26:47-56 No enemies are so much to be abhorred as those professed disciples that betray Christ with a kiss. God has no need of our services, much less of our sins, to bring about his purposes. Though Christ was crucified through weakness, it was voluntary weakness; he submitted to death. If he had not been willing to suffer, they could not conquer him. It was a great sin for those who had left all to follow Jesus; now to leave him for they knew not what. What folly, for fear of death to flee from Him, whom they knew and acknowledged to be the Fountain of life!But all this was done, that the Scriptures of the prophets might be fulfilled,.... Some have thought these to be the words of the evangelist, making this remark upon what was said and done; but by what both Mark and Luke record, Mark 14:49, they appear to be the words of Christ himself; who observes this, partly to make himself, as man, easy under the treatment he met with; and partly, to fortify the minds of his disciples against offence at it; and also to throw conviction, or confusion, into the minds of his enemies. The Scriptures of the prophets he refers to, as having, or about to have, by this conduct, their accomplishment, were such, as regarded the betraying him by Judas, the taking him in this secret, private, insidious, yet violent manner; in all which he showed great meekness, calmness, and submission, as Psalm 41:9. As also what respected the scattering, and hasty flight of his disciples from him, Zechariah 13:7, which in the next clause is shown to be accomplished,

Then all the disciples forsook him and fled; not only went away from him, and left him alone, as he foretold they would, John 16:32, but they ran away from him in a precipitant manner, like timorous sheep, the shepherd being about to be smitten; and they fearing, lest Peter's rash action should be imputed to them all, and they suffer for it; or lest they should be laid hold on next, and bound, as their master was, or about to be. Every thing in this account is an aggravation of their pusillanimity, and ingratitude; as that they were the "disciples" of Christ that forsook him, whom he had called, and sent forth as his apostles to preach his Gospel; and to whom he had given extraordinary gifts and powers; who had forsaken all and followed him, and had been with him from the beginning; had heard all his excellent discourses, and had seen all his miracles, and yet these at last forsake him, and even "all" of them: John the beloved disciple, that leaned on his bosom, and Peter, that professed so much love to him, zeal for him, and faith in him; the three that had just seen him in his agony and bloody sweat, and everyone of them left him; not one stood by him, and this too, after they had had a fresh instance of his power, in striking the men to the ground, that came to take him; and when he was sueing for them with their enemies, to let them go peaceably and safely: so that they had no need to have fled in such haste; and to leave him "then", in the midst of his enemies, in his great distress and trouble, was very unkind and ungrateful: and to this account of the evangelist, pretty much agrees what the Jews themselves say of it; for they report (p), that "when his disciples saw that he was taken, and that they could not fight against them, , "they ran away on foot", and lift up their voice and wept greatly.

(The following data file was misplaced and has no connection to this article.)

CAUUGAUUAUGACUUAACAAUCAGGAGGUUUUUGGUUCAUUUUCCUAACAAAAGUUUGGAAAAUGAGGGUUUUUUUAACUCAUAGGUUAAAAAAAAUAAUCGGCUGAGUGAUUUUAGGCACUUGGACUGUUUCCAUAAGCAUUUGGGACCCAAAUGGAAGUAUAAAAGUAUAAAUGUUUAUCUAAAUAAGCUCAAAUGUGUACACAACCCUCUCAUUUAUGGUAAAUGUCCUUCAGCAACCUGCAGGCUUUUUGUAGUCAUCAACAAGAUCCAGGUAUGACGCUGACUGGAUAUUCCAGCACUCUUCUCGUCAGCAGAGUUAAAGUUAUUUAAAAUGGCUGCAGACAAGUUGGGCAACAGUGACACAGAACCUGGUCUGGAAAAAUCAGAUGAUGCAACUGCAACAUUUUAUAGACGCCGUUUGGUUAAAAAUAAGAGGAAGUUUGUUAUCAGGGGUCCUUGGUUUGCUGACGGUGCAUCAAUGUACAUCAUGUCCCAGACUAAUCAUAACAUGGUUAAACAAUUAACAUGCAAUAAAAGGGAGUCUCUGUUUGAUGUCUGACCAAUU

Though they also pretend, that the citizens of Jerusalem killed many of them, and that the rest "fled" to the mountain, which is false,

(p) Toldos Jesu, p. 16, 17.